With increased awareness about autism, you’d think that there would be more understanding about it. Not so. When speaking with parents and educators, I’ve found that old myths die hard. It does make a kind of sense. Yes, there is more awareness that the disorder exists. There is some understanding of common symptoms. But many people go through life without knowing someone up close and personal who is on the autism spectrum. The portrayal of autism we see in movies and television shows is often superficial and incomplete.
Let’s take a look at common misunderstandings and the truth about people on the spectrum.
Dr. Marie Hartwell-Walker is licensed as both a psychologist and marriage and family counselor. She specializes in couples and family therapy and parent education. She writes regularly for Psych Central as well as Psych Central’s Ask the Therapist feature. She is author of the insightful parenting e-book, Tending the Family Heart.
Editor: Muhammad Talha
Myth: Children with autism don’t care about having social relationships.
Fact: Children with autism want very much to have friends. However, they often lack the skills and social awareness to make friends or to maintain friendships. It’s difficult, for example, for people with autism to look people in the eye when talking. In Western cultures, this is often interpreted as a lack of respect. But people with autism find it difficult to process what they are trying to say and what they are observing in another’s face at the same time. In order to stick to their train of thought, they need to “look” inward.
Another symptom that gets in the way of social relationships is their difficulty reading social cues. When talking about something that interests them, they may not notice when another person is bored or irritated or upset so they don’t respond as would normally be expected. They need help to develop those sensitivities and to learn how to respond appropriately.
Myth: Children with autism are savants.
Fact: Yes, some people with autism have a rare, special skill. I’ve known more than one person with autism, for example, who can tell you the day of the week you were born if only given your birth date. Others have the ability to play piano by ear or the ability to learn complex mathematical formulae even though they can’t cross the street safely or decide what is appropriate to wear given the weather. The fact is that only about 10 percent of people with autism have savant skills. The other 90 percent are like the rest of us, with a wide variety of talents and skills.
Myth: Children with autism aren’t emotional.
Fact: Yes, they are. One teen I know was called “Spock” by his classmates after the Star Trek character who always put logic before emotion. What they didn’t understand was that the name was actually appropriate. He was so frightened of how big his emotions were that, like Spock, he had to contain them by overcompensating with logic. Often kids with autism have difficulty managing their emotions. They may over- or under-express what they are feeling in an attempt to cope. Or they may misread the situation or what is being said and respond inappropriately.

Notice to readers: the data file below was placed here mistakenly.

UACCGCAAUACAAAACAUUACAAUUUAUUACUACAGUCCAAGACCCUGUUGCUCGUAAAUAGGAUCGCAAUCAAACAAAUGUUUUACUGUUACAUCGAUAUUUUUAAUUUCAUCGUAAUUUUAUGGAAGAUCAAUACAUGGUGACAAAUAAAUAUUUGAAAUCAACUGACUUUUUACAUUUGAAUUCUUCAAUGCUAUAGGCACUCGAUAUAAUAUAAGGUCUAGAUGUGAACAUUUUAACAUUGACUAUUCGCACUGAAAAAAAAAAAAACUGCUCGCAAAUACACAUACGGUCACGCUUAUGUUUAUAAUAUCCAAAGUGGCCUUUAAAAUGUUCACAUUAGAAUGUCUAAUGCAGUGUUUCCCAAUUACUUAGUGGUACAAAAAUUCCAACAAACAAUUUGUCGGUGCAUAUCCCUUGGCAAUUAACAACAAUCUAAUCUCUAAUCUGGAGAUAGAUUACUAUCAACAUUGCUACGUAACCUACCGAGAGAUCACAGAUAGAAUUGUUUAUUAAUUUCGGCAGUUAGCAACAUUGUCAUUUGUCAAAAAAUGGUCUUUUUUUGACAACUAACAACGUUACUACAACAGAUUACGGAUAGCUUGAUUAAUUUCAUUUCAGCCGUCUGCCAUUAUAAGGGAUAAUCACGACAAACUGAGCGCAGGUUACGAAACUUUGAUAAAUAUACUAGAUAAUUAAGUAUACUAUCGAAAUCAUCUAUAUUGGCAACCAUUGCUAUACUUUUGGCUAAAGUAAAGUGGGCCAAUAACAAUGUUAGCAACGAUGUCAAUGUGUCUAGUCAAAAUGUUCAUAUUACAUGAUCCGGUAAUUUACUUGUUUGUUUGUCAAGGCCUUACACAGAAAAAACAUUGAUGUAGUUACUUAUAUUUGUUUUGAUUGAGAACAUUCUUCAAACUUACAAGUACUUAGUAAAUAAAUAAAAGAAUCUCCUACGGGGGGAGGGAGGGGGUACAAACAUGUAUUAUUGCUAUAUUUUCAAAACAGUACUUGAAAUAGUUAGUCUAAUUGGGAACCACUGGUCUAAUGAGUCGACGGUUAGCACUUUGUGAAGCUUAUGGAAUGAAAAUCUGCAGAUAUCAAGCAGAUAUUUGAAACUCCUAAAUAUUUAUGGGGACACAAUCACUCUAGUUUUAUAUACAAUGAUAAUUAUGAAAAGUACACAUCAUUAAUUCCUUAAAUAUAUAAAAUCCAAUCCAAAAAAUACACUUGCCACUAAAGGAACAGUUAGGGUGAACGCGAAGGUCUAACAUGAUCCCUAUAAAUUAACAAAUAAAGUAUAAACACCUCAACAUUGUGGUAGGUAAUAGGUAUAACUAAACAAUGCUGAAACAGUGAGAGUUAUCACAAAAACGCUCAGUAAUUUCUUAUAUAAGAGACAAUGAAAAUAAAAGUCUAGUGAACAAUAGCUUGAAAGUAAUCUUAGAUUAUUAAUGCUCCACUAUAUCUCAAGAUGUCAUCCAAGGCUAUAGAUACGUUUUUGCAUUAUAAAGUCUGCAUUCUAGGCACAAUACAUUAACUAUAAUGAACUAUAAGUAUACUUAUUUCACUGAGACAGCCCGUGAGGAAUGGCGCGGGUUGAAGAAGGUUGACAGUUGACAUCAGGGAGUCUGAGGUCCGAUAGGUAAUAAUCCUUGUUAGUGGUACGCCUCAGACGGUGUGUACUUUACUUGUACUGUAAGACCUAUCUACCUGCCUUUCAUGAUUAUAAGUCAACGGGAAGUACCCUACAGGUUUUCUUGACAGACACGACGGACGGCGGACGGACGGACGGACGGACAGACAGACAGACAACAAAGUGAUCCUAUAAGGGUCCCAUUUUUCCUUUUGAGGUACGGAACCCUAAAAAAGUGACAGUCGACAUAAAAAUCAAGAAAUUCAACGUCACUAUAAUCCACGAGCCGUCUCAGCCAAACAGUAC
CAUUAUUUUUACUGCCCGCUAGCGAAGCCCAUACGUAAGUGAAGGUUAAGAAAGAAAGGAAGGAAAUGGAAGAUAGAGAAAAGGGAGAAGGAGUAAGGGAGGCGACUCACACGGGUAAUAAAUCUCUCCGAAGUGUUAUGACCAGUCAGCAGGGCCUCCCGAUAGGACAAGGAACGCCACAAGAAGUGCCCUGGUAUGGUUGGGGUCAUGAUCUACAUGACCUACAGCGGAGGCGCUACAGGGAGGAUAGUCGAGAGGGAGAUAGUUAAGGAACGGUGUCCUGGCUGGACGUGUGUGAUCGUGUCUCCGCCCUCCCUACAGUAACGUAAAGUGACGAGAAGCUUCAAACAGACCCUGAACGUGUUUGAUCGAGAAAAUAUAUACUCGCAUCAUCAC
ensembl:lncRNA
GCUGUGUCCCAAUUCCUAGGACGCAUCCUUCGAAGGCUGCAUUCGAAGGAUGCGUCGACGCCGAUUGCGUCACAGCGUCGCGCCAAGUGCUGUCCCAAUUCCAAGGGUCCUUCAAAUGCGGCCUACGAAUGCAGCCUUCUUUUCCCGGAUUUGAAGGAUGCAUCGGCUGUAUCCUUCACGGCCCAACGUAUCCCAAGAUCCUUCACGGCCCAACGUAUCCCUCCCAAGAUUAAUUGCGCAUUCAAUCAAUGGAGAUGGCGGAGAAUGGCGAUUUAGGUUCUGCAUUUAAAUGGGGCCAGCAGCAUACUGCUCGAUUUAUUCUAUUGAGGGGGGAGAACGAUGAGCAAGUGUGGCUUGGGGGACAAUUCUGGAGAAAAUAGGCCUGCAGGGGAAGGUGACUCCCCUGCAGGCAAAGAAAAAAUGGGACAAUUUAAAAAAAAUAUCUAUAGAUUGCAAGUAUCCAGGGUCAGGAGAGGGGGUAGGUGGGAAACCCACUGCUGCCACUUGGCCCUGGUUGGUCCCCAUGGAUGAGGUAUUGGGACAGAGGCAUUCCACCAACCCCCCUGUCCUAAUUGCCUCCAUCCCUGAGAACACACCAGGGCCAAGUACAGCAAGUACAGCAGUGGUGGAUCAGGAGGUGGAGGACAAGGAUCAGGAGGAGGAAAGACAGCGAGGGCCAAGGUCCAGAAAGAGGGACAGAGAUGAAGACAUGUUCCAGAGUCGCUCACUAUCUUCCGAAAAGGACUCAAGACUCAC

Myth: All children with autism have flapping, rocking, spinning behaviors.
Fact: The rocking and flapping behaviors that are common in children with autism who are also cognitively limited aren’t always present in kids who are on the high-functioning end of the spectrum. It is unknown why some kids with autism engage in these behaviors. It may be a way to self-soothe or cope. It may be a feature of the brain chemistry. Kids with high-functioning autism often have learned to control the impulse or to do it in ways that are less socially embarrassing.
Myth: Children with autism are not creative.
Fact: They are not always creative in ways that others expect. It’s true that many people with autism have difficulty with imaginative play or fantasy stories. But they can be enormously creative around their special interests. After all, it takes creativity to come up with new applications for computers or new ways to solve mathematical problems, for example. People with autism can be highly inventive.
Myth: Children with autism aren’t successful in school.
Fact: It depends on the degree of autism. Remember, it’s a spectrum. Although 75 percent of kids with autism also are cognitively limited, the other 25 percent have average to genius intelligence. Tapping that intelligence can be challenging. Learning styles and behaviors may be incompatible with regular education.
Some students with autism have difficulty with transitions. Some have high interest (and are therefore highly successful) in some subjects but struggle with others. Some find the mechanics of handwriting so difficult that they give up trying on tests or in class assignments that require written work but can succeed if allowed to use a laptop. These are problems to be solved, not reasons for school failure. Special education supports can be provided to help them succeed.
Myth: Children with autism are rigid.
Fact: Some are. Some aren’t. The apparent need for routine, rules, and structure is a way for people who struggle with knowing what is required of them to stay safe. As children on the upper end of the spectrum develop social and practical skills and become more comfortable in being who they are, they can become less reliant on their rules for managing life.